...I am looking over the sea and endeavouring to reckon up the estate I have to offer you. As far as I can make out my equipment for starting on a journey to fairyland consists of the following items.
1st. A Straw Hat. The oldest part of this admirable relic shows traces of pure Norman work. The vandalism of Cromwell's soldiers has left us little of the original hat-band.
2nd. A Walking Stick, very knobby and heavy: admirably fitted to break the head of any denizen of Suffolk who denies that you are the noblest of ladies, but of no other manifest use.
3rd. A copy of Walt Whitman's poems, once nearly given to Salter, but quite forgotten. It has his name in it still with an affectionate inscription from his sincere friend Gilbert Chesterton. I wonder if he will ever have it.
4th. A number of letters from a young lady, containing everything good and generous and loyal and holy and wise that isn't in Walt Whitman's poems.
5th. An unwieldy sort of a pocket knife, the blades mostly having an edge of a more varied and picturesque outline than is provided by the prosaic cutler. The chief element however is a thing 'to take stones out of a horse's hoof.' What a beautiful sensation of security it gives one to reflect that if one should ever have money enough to buy a horse and should happen to buy one and the horse should happen to have stone in his hoof--that one is ready; one stands prepared, with a defiant smile!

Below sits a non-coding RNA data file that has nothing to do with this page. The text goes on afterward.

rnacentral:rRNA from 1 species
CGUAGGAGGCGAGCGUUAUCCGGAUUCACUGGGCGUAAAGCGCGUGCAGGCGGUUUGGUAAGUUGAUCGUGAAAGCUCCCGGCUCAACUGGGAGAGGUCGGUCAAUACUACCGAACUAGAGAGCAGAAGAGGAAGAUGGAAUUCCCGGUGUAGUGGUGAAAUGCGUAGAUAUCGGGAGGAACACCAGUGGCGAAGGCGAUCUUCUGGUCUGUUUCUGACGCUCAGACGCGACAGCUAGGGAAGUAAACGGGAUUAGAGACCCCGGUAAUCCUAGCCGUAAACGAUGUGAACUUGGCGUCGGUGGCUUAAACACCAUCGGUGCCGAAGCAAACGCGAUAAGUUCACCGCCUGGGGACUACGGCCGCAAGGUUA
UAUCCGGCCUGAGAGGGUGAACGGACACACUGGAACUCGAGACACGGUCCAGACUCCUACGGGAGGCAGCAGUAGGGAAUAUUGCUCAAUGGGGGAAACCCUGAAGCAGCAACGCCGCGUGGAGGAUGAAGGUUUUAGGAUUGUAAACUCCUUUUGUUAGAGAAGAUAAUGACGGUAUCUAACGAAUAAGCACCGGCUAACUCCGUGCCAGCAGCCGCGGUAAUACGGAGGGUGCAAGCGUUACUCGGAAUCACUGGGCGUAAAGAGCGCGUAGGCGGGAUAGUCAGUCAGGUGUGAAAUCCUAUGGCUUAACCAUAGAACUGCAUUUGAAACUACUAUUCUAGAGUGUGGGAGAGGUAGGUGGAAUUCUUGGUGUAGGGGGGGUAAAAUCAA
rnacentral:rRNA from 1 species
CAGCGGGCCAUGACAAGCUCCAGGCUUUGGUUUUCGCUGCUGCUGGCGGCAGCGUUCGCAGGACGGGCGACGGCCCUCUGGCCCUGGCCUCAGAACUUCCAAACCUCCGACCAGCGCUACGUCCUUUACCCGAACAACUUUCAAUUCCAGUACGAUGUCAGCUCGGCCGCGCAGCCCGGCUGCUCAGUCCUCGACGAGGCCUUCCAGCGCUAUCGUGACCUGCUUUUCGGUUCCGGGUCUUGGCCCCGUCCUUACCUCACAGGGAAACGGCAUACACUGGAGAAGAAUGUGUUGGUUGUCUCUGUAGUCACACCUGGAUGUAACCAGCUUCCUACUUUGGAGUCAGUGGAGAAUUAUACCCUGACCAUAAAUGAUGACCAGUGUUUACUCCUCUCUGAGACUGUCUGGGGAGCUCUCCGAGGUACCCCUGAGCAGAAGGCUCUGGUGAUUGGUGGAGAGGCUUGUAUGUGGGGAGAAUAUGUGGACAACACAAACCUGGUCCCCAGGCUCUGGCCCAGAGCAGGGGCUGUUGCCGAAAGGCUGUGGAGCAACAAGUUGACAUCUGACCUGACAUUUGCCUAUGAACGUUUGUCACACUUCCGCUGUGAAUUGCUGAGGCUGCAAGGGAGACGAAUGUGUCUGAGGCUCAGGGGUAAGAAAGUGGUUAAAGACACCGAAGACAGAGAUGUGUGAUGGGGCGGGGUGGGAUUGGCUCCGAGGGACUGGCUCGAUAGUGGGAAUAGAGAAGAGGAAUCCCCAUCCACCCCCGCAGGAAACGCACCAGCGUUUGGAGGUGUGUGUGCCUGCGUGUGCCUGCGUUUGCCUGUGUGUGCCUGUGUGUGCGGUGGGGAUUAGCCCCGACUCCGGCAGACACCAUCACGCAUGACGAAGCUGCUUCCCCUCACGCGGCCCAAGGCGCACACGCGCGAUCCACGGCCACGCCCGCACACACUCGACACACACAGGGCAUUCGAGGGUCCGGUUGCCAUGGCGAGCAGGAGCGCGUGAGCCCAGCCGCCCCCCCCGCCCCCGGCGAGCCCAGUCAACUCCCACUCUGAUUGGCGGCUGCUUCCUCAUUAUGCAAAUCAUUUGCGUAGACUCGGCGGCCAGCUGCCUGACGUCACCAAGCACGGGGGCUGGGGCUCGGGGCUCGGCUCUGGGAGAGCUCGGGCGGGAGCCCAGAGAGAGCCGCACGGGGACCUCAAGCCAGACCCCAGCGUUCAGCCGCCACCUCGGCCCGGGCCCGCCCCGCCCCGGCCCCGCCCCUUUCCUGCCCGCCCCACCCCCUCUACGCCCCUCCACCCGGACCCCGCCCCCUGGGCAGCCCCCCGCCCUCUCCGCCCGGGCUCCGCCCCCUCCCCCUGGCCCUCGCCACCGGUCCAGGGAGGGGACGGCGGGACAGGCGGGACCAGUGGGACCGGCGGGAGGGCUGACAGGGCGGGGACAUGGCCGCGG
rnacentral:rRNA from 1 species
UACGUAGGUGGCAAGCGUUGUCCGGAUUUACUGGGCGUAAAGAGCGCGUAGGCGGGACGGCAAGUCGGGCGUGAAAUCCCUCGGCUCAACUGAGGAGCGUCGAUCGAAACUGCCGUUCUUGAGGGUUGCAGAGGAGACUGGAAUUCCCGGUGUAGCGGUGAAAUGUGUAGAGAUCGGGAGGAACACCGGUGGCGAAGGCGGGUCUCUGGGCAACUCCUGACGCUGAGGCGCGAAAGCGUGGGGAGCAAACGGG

6th. Passing from the last miracle of practical foresight, we come to a box of matches. Every now and then I strike one of these, because fire is beautiful and burns your fingers. Some people think this waste of matches: the same people who object to the building of Cathedrals.
7th. About three pounds in gold and silver, the remains of one of Mr. Unwin's bursts of affection: those explosions of spontaneous love for myself, which, such is the perfect order and harmony of his mind, occur at startingly exact intervals of time.
8th. A book of Children's Rhymes, in manuscript, called the 'Weather Book' about 3/4 finished, and destined for Mr. Nutt. I have been working at it fairly steadily, which I think jolly creditable under the circumstances. One can't put anything interesting in it. They'll understand those things when they grow up.
9th. A tennis racket--nay, start not. It is a part of the new regime, and the only new and neat-looking thing in the Museum. We'll soon mellow it---like the straw hat. My brother and I are teaching each other lawn tennis.
10th. A soul, hitherto idle and omnivorous but now happy enough to be ashamed of itself.
11th. A body, equally idle and quite equally omnivorous, absorbing tea, coffee, claret, sea-water, and swimming. I think, the sea being a convenient size.